This is where the similarities and opposites in these 2 Christmas stories converge for me. Spicy aroma of pudding sauce and incense at the altar, songs of ‘Peace on earth and goodwill to all men’, versus, ‘ all I want …” – a fat clothed bearded grandpa verses a skinny, bone-protruding (Ps 22), belt-less, naked son in the prime of his life, whose beard had been pulled out, and forced to wear a crown of thorns to mock his deity. Both covered in red; both hung on a tree in a public place for all to see; both bringing free gifts; both bringing joy to the receiver; both including all nations, rich and poor. One of them gives conditional gifts, depending on whether you are naughty or nice; the other giving freely to the self- acknowledged undeserving. One eating cookies and drinking Coke (which according to the old advert, ‘adds life’), and the other eating the bread of affliction and the cup of suffering as represented in the Passover meal and communion in remembrance of the sacrifice. One being served by elves, the other being a servant to others. One came down a chimney to bring free gifts and eat alone, the other came up from a grave and broke bread with friends to bring life to those who choose to receive it. One returning annually at night, at a predicted time, the other returning at night when least expected. Both, creating expectation for those who come to them like ‘little children, believing in what they cannot see’. 

Now when I look with my blindish eyes I see both trees in one, both reminding me of life and hope. And, in the music that stirs my heart today, is the voice of my heavenly Father singing, “ All I want for Christmas, is you!” 

Many blessings for a meaningful Festive season with family and friends in physical or virtual space.

Hope from the shadows

I am not sure how you like to negotiate milestones in your life, like a birthday, anniversary or new year. For me, it is always a time to stop, look back and be grateful; notice where I am now and ponder the hope between now and blessed eternity. As I sat here and quietened my soul, I became aware of the old painting on the wall behind my reading magnifier. Whist I can’t actually see it, I know what it depicts.

The painting is a view from within an old country church. There is a baptismal font on the left of a doorway and a large gothic door standing open, revealing a view to an antechamber with a bench and another door leading into the graveyard garden. I can’t make out much on the painting as it is very dark, gloomy and predominantly in shadow. I can almost smell the dusty dankness of old wood and cold stone.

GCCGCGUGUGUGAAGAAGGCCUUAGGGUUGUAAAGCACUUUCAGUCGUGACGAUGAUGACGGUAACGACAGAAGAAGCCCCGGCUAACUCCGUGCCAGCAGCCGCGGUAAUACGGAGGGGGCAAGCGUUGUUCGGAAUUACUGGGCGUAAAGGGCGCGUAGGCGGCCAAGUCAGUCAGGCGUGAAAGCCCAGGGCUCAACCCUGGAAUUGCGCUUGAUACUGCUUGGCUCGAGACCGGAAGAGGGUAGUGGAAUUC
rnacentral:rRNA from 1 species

Today my eyes were drawn to the brightest line on the canvas. It is where the sun’s rays catch the top edge of the threshold. I gazed at it, more pondering than seeing. My brain was still thick with sleep allowing the image to relax into me before forming its relevance into two clear thoughts. 

Firstly, this is a step that makes me feel safe. One with a clear shadow defining it. When I walk about, I orientate myself according to the shadows. The sun shining obliquely onto an obstacle, provides the biggest contrast in tone and thus, marking an anchor point for my ever-moving blind spots. Shadows, for me, are securing. They allow me to determine the shape and size of an object and free me to move without fear of falling. 

The second idea trailed naturally behind. In my journey of life, the biggest shadows have become the clearest landmarks, when I open myself to the light of God. Here, as I write this, I find myself, looking to that peaceful garden and a lure to step into the antechamber of my life. A transient place for preparation and contemplation where we meet others who are coming and going on life’s journey. 

In 2020, the darkness of a pandemic has provided a delineating shadow that has made us all contemplate life’s journey. It has been a defining year, a year of clarity – that 2020 vision we so glibly declared on old year’s eve. It has defined what is really important in life. A glaring understanding of our mortality and the opportunity to adjust ourselves as we walk, with greater commonality, towards the hope of a new season. 

This brief interaction between me, my God and a step on a painting, has been a gift to me todayLook out for yours.

An image of the painting described in the article.
A painting by Ann Hammon

Kitchen for Seeing Hands

After response for re-blogging Kathy’s last post, I thought to add this one too. It gives useful information about the utensils and accessories that help anyone to navigate the kitchen safely so that all focus can go on the people enjoying food and time together.